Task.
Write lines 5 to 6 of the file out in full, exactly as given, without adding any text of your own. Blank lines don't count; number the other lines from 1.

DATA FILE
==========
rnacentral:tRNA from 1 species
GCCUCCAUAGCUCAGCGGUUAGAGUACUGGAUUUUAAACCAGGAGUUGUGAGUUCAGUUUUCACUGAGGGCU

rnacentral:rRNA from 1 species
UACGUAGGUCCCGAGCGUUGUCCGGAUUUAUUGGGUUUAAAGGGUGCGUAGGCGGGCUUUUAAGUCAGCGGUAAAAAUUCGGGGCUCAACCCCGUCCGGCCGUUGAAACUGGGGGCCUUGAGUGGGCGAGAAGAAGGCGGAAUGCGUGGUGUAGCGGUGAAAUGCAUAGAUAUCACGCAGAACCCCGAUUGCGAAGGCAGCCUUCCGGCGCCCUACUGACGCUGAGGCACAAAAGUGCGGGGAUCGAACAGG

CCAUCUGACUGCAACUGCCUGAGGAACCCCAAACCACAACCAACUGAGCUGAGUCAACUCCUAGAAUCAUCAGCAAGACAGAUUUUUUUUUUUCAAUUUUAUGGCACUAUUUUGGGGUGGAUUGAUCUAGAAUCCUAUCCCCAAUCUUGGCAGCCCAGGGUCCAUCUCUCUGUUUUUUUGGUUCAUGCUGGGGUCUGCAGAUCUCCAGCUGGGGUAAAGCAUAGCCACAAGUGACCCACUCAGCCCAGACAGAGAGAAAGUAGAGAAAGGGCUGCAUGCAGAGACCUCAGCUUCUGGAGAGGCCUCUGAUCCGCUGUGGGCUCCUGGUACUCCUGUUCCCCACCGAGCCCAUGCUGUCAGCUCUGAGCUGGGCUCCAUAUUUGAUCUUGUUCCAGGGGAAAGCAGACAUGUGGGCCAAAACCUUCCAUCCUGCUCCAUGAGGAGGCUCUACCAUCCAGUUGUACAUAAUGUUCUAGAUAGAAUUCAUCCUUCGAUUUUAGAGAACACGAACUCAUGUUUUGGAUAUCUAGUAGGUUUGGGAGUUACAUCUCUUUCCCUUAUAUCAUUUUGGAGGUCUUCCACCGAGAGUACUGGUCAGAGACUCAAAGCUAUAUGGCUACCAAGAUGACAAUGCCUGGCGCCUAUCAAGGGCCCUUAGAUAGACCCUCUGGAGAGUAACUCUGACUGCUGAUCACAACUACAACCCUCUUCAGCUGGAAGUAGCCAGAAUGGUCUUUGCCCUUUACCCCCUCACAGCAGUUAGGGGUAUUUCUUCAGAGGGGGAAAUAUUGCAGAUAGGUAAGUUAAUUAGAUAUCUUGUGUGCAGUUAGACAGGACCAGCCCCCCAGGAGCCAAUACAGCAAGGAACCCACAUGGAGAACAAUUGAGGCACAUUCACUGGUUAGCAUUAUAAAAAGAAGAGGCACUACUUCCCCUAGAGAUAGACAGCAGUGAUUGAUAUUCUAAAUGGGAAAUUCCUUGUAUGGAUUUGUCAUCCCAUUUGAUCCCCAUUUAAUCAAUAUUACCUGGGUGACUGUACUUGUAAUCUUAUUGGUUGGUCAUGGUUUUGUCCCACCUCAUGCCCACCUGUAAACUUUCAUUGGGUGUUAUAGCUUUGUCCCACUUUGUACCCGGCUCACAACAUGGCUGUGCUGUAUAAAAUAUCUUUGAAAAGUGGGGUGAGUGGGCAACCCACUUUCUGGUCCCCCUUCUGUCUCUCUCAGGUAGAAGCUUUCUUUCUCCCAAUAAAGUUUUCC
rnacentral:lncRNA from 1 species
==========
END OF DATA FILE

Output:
CCAUCUGACUGCAACUGCCUGAGGAACCCCAAACCACAACCAACUGAGCUGAGUCAACUCCUAGAAUCAUCAGCAAGACAGAUUUUUUUUUUUCAAUUUUAUGGCACUAUUUUGGGGUGGAUUGAUCUAGAAUCCUAUCCCCAAUCUUGGCAGCCCAGGGUCCAUCUCUCUGUUUUUUUGGUUCAUGCUGGGGUCUGCAGAUCUCCAGCUGGGGUAAAGCAUAGCCACAAGUGACCCACUCAGCCCAGACAGAGAGAAAGUAGAGAAAGGGCUGCAUGCAGAGACCUCAGCUUCUGGAGAGGCCUCUGAUCCGCUGUGGGCUCCUGGUACUCCUGUUCCCCACCGAGCCCAUGCUGUCAGCUCUGAGCUGGGCUCCAUAUUUGAUCUUGUUCCAGGGGAAAGCAGACAUGUGGGCCAAAACCUUCCAUCCUGCUCCAUGAGGAGGCUCUACCAUCCAGUUGUACAUAAUGUUCUAGAUAGAAUUCAUCCUUCGAUUUUAGAGAACACGAACUCAUGUUUUGGAUAUCUAGUAGGUUUGGGAGUUACAUCUCUUUCCCUUAUAUCAUUUUGGAGGUCUUCCACCGAGAGUACUGGUCAGAGACUCAAAGCUAUAUGGCUACCAAGAUGACAAUGCCUGGCGCCUAUCAAGGGCCCUUAGAUAGACCCUCUGGAGAGUAACUCUGACUGCUGAUCACAACUACAACCCUCUUCAGCUGGAAGUAGCCAGAAUGGUCUUUGCCCUUUACCCCCUCACAGCAGUUAGGGGUAUUUCUUCAGAGGGGGAAAUAUUGCAGAUAGGUAAGUUAAUUAGAUAUCUUGUGUGCAGUUAGACAGGACCAGCCCCCCAGGAGCCAAUACAGCAAGGAACCCACAUGGAGAACAAUUGAGGCACAUUCACUGGUUAGCAUUAUAAAAAGAAGAGGCACUACUUCCCCUAGAGAUAGACAGCAGUGAUUGAUAUUCUAAAUGGGAAAUUCCUUGUAUGGAUUUGUCAUCCCAUUUGAUCCCCAUUUAAUCAAUAUUACCUGGGUGACUGUACUUGUAAUCUUAUUGGUUGGUCAUGGUUUUGUCCCACCUCAUGCCCACCUGUAAACUUUCAUUGGGUGUUAUAGCUUUGUCCCACUUUGUACCCGGCUCACAACAUGGCUGUGCUGUAUAAAAUAUCUUUGAAAAGUGGGGUGAGUGGGCAACCCACUUUCUGGUCCCCCUUCUGUCUCUCUCAGGUAGAAGCUUUCUUUCUCCCAAUAAAGUUUUCC
rnacentral:lncRNA from 1 species